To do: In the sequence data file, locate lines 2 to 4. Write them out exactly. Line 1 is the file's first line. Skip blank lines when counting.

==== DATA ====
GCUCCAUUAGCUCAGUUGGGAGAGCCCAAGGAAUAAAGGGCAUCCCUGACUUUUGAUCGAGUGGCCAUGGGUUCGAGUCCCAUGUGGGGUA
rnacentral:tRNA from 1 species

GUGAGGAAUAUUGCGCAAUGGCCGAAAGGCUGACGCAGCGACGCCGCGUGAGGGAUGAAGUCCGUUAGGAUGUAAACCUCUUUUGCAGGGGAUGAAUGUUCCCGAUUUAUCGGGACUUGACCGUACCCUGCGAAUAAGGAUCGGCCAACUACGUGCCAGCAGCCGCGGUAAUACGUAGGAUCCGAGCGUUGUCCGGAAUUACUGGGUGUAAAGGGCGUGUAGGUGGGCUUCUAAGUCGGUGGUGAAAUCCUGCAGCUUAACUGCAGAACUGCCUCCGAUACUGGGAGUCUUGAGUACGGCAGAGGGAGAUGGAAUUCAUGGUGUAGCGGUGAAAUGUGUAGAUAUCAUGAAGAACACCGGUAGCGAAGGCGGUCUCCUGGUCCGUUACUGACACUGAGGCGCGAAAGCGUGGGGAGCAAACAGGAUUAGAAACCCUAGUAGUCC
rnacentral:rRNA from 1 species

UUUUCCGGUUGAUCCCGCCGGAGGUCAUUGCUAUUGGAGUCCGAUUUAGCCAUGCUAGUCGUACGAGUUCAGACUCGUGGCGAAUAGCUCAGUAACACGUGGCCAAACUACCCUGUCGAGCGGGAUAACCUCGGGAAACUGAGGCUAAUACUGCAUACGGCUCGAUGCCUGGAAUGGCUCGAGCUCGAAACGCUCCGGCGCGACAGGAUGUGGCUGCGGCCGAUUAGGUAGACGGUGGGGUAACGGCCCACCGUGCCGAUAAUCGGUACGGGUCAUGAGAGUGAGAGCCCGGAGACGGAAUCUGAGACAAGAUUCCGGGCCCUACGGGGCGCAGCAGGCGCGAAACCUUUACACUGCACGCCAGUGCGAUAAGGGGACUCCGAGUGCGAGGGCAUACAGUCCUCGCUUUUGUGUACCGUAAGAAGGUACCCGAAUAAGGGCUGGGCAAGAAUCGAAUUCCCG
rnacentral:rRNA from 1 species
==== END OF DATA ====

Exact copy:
rnacentral:tRNA from 1 species

GUGAGGAAUAUUGCGCAAUGGCCGAAAGGCUGACGCAGCGACGCCGCGUGAGGGAUGAAGUCCGUUAGGAUGUAAACCUCUUUUGCAGGGGAUGAAUGUUCCCGAUUUAUCGGGACUUGACCGUACCCUGCGAAUAAGGAUCGGCCAACUACGUGCCAGCAGCCGCGGUAAUACGUAGGAUCCGAGCGUUGUCCGGAAUUACUGGGUGUAAAGGGCGUGUAGGUGGGCUUCUAAGUCGGUGGUGAAAUCCUGCAGCUUAACUGCAGAACUGCCUCCGAUACUGGGAGUCUUGAGUACGGCAGAGGGAGAUGGAAUUCAUGGUGUAGCGGUGAAAUGUGUAGAUAUCAUGAAGAACACCGGUAGCGAAGGCGGUCUCCUGGUCCGUUACUGACACUGAGGCGCGAAAGCGUGGGGAGCAAACAGGAUUAGAAACCCUAGUAGUCC
rnacentral:rRNA from 1 species